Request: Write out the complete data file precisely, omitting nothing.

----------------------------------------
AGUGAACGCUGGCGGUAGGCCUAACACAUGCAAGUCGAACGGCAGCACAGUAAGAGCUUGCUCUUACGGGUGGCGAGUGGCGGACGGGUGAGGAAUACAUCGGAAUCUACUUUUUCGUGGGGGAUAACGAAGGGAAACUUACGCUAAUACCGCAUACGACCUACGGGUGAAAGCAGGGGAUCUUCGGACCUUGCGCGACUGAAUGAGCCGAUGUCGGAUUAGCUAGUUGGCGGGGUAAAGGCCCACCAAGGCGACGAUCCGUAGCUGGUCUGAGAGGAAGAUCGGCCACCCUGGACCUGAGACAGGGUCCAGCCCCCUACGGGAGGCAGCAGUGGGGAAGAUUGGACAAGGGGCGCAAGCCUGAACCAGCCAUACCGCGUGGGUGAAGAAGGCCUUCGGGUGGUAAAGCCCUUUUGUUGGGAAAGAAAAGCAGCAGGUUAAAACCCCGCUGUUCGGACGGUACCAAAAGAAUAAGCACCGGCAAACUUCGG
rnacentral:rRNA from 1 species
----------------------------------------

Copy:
AGUGAACGCUGGCGGUAGGCCUAACACAUGCAAGUCGAACGGCAGCACAGUAAGAGCUUGCUCUUACGGGUGGCGAGUGGCGGACGGGUGAGGAAUACAUCGGAAUCUACUUUUUCGUGGGGGAUAACGAAGGGAAACUUACGCUAAUACCGCAUACGACCUACGGGUGAAAGCAGGGGAUCUUCGGACCUUGCGCGACUGAAUGAGCCGAUGUCGGAUUAGCUAGUUGGCGGGGUAAAGGCCCACCAAGGCGACGAUCCGUAGCUGGUCUGAGAGGAAGAUCGGCCACCCUGGACCUGAGACAGGGUCCAGCCCCCUACGGGAGGCAGCAGUGGGGAAGAUUGGACAAGGGGCGCAAGCCUGAACCAGCCAUACCGCGUGGGUGAAGAAGGCCUUCGGGUGGUAAAGCCCUUUUGUUGGGAAAGAAAAGCAGCAGGUUAAAACCCCGCUGUUCGGACGGUACCAAAAGAAUAAGCACCGGCAAACUUCGG
rnacentral:rRNA from 1 species